Madonna and Child
Pietro degli Ingannati
(active 1529-1548 - )
25.25 x 20.5 in. (64.14 x 52.07 cm)
Medium and Support:
Oil on panel
Gift of the Samuel H. Kress Foundation via The Discovery Museum, Bridgeport, CT, 2002
Bellarmine Hall Galleries
Paintings of the Madonna and Child, alone or with saints, were immensely popular in Venice in the 15th and 16th centuries. Most of the paintings by Ingannati (who was likely born in the Veneto region around the city of Venice), fall into this category. His works demonstrate the influence of Giovanni Bellini (ca. 1435-1516), the most important artist working in Venice at the end of the 15th century. Bellini’s luminous works, which took full advantage of the relatively new technique of oil painting, exemplify the style of Renaissance Venice in their brilliant colors, poetic expression, and softer forms and figures. Ingannati likely trained with Bellini in the early 16th century and continued working in a similar style throughout his career; his paintings often reuse or modify Bellini’s compositions, reworking figures to create seemingly original and innovative works.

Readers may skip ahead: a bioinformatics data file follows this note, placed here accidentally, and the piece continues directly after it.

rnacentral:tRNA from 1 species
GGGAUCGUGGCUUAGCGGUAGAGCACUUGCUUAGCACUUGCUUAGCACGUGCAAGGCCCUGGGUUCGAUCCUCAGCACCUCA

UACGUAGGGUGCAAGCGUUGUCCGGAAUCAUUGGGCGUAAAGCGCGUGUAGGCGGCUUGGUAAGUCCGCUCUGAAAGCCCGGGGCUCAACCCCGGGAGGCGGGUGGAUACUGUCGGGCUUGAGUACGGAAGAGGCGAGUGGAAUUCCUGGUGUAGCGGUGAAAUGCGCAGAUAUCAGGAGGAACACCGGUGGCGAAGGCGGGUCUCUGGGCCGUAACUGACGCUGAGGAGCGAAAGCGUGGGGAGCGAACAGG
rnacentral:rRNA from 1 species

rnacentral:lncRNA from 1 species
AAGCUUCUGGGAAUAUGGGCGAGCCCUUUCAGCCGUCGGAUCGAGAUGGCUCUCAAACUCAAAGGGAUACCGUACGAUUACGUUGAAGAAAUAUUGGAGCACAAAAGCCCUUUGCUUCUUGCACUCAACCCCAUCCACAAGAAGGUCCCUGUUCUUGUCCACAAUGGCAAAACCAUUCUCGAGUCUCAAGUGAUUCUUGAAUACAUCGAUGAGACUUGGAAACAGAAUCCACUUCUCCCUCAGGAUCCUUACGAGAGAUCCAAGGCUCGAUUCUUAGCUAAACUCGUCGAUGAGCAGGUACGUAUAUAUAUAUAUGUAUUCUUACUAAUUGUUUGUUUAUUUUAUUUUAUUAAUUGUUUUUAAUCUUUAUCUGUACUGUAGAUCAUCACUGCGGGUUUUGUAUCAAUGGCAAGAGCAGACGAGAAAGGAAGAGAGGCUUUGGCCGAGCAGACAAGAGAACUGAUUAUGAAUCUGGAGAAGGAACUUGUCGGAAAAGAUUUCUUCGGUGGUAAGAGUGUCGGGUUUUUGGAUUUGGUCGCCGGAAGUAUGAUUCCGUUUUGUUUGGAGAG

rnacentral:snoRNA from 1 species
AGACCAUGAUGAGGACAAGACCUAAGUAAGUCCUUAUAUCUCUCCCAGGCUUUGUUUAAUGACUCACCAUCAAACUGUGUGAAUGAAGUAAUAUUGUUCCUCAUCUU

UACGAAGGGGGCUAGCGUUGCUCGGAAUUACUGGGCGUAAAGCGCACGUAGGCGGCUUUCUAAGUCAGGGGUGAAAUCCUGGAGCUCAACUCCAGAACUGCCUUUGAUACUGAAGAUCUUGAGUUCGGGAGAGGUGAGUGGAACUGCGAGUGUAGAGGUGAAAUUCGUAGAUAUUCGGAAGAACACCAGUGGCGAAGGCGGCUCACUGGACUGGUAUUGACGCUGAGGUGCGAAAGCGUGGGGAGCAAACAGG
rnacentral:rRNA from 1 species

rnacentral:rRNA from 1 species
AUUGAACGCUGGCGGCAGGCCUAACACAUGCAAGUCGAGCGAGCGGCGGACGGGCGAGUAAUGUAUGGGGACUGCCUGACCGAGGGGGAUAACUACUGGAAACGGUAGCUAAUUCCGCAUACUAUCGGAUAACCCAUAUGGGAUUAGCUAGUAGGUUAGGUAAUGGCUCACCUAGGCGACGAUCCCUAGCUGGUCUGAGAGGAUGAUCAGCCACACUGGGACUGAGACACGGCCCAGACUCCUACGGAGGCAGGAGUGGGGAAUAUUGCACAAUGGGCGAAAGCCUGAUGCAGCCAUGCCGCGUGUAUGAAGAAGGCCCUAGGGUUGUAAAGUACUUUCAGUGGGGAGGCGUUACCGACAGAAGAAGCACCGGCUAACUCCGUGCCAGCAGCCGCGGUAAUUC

This painting was part of the group of works donated by the Samuel H. Kress Foundation to the Museum of Art, Science and Industry in Bridgeport, CT in 1962. When that museum became the Discovery Museum in the early 1990's, the Kress paintings were transferred to Fairfield University, where they formed the core of what would become the Fairfield University Art Museum.